Thursday, October 1, 2009

200 Fast & Easy Artisan Breads

With the holidays just around the corner our thoughts turn to heavenly culinary creations fresh from the oven. And nothing smells better than freshly baked bread. But for many of us, just thinking about baking a loaf of bread seems too time-consuming. First you have to mix the ingredients; then you have to knead the dough; let it rise; and then bake. This process, while seemingly simple, can take hours and sometimes days.

Best-selling cookbook author Judith Fertig, reveals secrets to creating and baking incredible artisan breads in her new book: 200 FAST & EASY ARTISAN BREADS (Robert Rose; September 2009; Softcover/$24.95; ISBN: 978-0-7788-0212-9). Judith’s secret? Artisan bread dough can be created in about five minutes, simply by combining the ingredients, along with instant, or bread machine yeast, in one bowl.

The “fast” part of the 200 FAST & EASY ARTISAN BREADS title means that hands-on activity (not including rising, resting, or baking time) with these breads is only minutes a day. You can make the dough one day, and then form and bake it in the days afterwards. The dough can be stored in the refrigerator for up to a week. When you are ready to bake your bread, simply cut off enough dough for a loaf, let rise, and bake…it’s fast and easy!

“Artisan bread baking, with its time-honored tradition and classic forms and methods, has seen a recent surge of revision. Baking experts and bread bloggers are taking old recipes and giving them new life,” explains Judith Fertig. “As a cookbook author, culinary instructor, and vocational baker, I’ve questioned, challenged, and tested my way to the best methods for baking artisan-quality breads in an easier, more achievable and rewarding activity for busy people.”

In her recipes, Judith uses a sequential, step-by-step approach known as “benchmarking.” With each recipe, home bakers learn and master new techniques, ensuring success every time with recipes such as:
§ Fig and Gorgonzola Swirl Loaf
§ Easy Artisan Focaccia with Rosemary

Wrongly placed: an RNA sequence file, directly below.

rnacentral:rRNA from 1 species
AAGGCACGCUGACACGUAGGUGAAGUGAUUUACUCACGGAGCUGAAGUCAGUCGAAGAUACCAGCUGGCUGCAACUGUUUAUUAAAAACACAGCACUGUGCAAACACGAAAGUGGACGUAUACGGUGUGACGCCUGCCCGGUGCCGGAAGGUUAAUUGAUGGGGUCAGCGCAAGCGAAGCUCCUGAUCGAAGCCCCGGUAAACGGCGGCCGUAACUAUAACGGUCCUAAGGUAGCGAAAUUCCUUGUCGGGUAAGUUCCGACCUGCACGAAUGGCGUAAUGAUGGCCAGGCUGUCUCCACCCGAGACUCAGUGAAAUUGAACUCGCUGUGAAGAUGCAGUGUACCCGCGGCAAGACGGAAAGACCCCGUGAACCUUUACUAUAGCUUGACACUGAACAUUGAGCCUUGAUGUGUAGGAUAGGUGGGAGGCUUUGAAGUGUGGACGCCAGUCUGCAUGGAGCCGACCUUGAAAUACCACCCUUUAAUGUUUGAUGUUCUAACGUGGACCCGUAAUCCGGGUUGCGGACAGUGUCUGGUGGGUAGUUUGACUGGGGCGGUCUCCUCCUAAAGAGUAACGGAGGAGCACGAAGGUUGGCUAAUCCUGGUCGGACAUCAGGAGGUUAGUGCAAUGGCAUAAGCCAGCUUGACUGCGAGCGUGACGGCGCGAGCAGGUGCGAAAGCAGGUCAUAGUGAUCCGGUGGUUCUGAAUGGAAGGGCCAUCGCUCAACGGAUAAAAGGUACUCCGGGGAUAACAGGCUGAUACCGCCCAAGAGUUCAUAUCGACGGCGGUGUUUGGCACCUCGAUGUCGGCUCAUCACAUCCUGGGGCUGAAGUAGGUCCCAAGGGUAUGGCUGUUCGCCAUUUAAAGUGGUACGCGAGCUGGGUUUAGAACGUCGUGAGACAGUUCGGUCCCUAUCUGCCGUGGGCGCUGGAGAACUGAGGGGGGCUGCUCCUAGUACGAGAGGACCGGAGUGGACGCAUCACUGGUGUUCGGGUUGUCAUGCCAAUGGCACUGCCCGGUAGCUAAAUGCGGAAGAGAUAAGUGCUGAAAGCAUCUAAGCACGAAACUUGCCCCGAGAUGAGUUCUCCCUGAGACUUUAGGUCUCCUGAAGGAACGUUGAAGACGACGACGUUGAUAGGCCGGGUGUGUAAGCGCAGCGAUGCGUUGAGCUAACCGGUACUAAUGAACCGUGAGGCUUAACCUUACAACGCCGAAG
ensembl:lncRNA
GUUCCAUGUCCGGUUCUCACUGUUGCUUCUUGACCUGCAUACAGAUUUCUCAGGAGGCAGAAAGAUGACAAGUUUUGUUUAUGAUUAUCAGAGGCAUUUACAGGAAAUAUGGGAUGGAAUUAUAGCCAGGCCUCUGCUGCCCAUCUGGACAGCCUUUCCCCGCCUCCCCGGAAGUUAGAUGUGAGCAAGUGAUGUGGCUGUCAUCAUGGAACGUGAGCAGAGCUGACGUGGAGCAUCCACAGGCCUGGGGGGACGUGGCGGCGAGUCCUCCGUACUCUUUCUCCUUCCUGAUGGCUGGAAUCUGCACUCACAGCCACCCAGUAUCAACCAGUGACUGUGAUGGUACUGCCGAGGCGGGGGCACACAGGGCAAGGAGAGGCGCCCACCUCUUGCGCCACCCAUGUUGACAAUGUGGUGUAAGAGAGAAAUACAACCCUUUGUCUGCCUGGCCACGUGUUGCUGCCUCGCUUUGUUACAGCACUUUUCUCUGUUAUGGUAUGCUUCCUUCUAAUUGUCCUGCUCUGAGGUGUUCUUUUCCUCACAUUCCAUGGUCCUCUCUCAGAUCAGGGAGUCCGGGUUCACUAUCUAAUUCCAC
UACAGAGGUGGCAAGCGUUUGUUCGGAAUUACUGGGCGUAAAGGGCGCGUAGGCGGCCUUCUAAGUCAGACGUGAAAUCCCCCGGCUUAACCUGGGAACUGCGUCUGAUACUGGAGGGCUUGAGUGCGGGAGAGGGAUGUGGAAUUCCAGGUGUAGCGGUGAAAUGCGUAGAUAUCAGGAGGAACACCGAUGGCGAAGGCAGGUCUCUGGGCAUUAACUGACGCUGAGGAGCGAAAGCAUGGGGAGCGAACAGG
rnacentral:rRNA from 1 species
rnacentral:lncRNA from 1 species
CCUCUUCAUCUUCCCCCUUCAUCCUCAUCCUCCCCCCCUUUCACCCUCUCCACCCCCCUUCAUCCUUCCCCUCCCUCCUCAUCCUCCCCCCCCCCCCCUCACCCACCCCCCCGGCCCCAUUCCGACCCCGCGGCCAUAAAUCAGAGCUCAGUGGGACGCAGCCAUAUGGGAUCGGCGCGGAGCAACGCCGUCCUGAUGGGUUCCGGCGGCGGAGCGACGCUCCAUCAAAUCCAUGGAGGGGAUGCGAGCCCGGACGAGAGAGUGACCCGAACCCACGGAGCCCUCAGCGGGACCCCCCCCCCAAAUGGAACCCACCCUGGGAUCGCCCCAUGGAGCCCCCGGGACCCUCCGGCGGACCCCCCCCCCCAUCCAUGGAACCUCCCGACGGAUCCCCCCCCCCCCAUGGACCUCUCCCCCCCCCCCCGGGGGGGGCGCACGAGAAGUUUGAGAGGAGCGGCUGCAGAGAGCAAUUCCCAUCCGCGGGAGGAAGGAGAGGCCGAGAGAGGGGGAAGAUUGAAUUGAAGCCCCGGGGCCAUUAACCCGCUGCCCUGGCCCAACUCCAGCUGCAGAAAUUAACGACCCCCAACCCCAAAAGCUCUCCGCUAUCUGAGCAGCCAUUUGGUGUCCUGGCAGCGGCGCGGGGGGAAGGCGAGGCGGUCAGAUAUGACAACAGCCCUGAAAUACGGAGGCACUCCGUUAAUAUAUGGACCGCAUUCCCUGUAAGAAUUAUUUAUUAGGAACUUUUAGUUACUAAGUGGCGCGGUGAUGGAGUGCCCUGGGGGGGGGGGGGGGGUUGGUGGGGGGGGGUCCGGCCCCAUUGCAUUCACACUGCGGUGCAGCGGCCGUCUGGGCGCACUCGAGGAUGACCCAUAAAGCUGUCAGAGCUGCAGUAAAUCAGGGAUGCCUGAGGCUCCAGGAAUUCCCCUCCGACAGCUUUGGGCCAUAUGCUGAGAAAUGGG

§ Whole Wheat Pita Bread
§ Honey Pumpkin Bread
§ Slow-Rise Sourdough Bread
§ Braided Challah
§ Cinnamon Raisin Pecan Bread
§ Caraway Rye Tart with Ham and Gruyère
§ Rustic French Boule
§ Amish Pinwheel Bread
§ New York Bagels
§ Danish Bear Claws
§ Chocolate Swirl Bread

Beginners or master bakers will find that 200 FAST & EASY ARTISAN BREADS covers everything you need to know to create perfect bread every time. Judith covers topics such as:
§ basic equipment
§ making the dough ahead of time
§ how to master easy dough methods
§ knowing when your bread is done
§ creating complements to bread such as artisan butter and caramelized onions
§ Judith’s “Ten Basic Steps to Artisan Bread”

With no mess, one bowl, and very little time, home bakers can achieve glorious bakery results in the comfort of their kitchen. If you can bake a batch of brownies from a box mix, you are ready for 200 FAST & EASY ARTISAN BREADS.

About the Author

Trained at the prestigious La Varenne Ecole de Cuisine and Le Cordon Bleu, Judith Fertig is a talented food writer, cooking instructor, and product spokesperson. She is also one of the best-trained barbecue experts in the country. Boasting a “Doctor of Barbecue Philosophy” degree from Greasehouse University, Judith believes “food tells a story that appeals to all senses” and seeks to bring to life — both on the page and on stage — our shared and delectable love of food. She has been featured in Bon Appetit, Saveur, Better Homes & Gardens, Cooking Light, Food & Wine, Country Living, The New York Times Syndicate, the San Francisco Chronicle, and The Kansas City Star. She is the author of Prairie Home Cooking, Prairie Home Breads, and All-American Desserts. She is also one-half of the famous “BBQ Queens” best-selling cookbook duo with Karen Adler; their latest book is 300 Big & Bold BBQ & Grill Recipes.

Sample Recipes from the Book

Master Recipe #1 Easy Artisan Dough

This first master recipe introduces you to the basics of the Easy Artisan bread method. As you begin to make bread, all of this will get even easier. You won’t have to check the temperature of the water, as you’ll know what lukewarm feels like. You’ll get quite good at forming the various types of loaves and sliding them onto the hot baking stone. You’ll be able to tell by how fast the temperature rises on the instant read thermometer — when your bread reaches 190°F (90 °C) and is done. Your artisan loaves will have a crisp, darkened crust, a tender and moist crumb, and a mellow, toasty flavor — all with this easy method. The dough will also make delicious rolls, pizza, or flatbread.